Horrible things of all kinds happen in our world—and that has been the story since the dawn of civilization. No logician can do it either. Christians, however, say the anti-theists, also should believe that: It only shows that it could be worse, there could be no resulting good.

Two sorts of responses can be given to these sorts of cases. If there is any blame that needs to go around, it may be that some of it should go to Mackie and other atheologians for claiming that the problem of evil was a problem of inconsistency. Although there are many possible worlds that contain moral good without moral evil, this world does not have to be the best of all possible worlds.

Compatibilists assert that moral agents God, angels, and men choose, but that choosing per se and choosing indeterminately are not synonymous. They reason as follows: Any two or three of them might be true at the same time; but there is no way that all of them could be true.

Evil-skepticism is not as broad. They note that philosophers have always believed it is never rational to believe something contradictory. But then the actualization of a world W containing moral good is not up to God alone; it also depends upon what the significantly free creatures of W would do.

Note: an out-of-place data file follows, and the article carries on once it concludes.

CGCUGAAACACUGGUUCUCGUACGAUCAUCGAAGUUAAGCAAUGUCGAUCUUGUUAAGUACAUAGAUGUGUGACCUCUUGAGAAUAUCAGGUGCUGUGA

Unlike Plantinga's response to the logical problem of evil, which is merely a "defense" (that is, a negative attempt to undermine a certain atheological argument without offering a positive account of why God allows evil and suffering), Hick's response is a "theodicy" (that is, a more comprehensive attempt to account for why God is justified in allowing.

Philosophy of Religion

Exposing The Problem Of Evil. K likes. EMMANUEL SAGWETE () DPL PHILOSOPHY OF RELIGION FR. A. RUTSVIGA 28 OCTOBER Critically expose the problem of is a privation of the good.

The problem of evil “arises from the paradox of an omnibenevolent, omnipotent deity’s allowing the existence of evil” (Pojman ).The Judeo-Christian tradition. In another article, “The Problem of Evil,” by P.J. McHugh (), the same argument was put forward about the problem of evil. As stated by McHugh (), the common ground of all who believe why God allows evil to prosper in this world is the free-will defence.

ALVIN PL ANTINGA ON THE PROBLEM OF EVIL: AN EXAMINATION Dr. Tamunosiki V. Ogan Department of Philosophy, University of Port Harcourt, Rivers State, Nigeria Abstract The existence of God is an enduring and popular philosophical problem that entwines with many aspects of human experience.

One of these aspects is the reality or experience of evil. Chapter 3: Philosophy of Religion. Proofs for the Existence of God. The Problem of Evil. There is an argument that is advanced in order to prove that either there is no god at all or that the god of the western religions can not exist.

Critically expose the problem of evil
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Philosophy of Religion » The Problem of Evil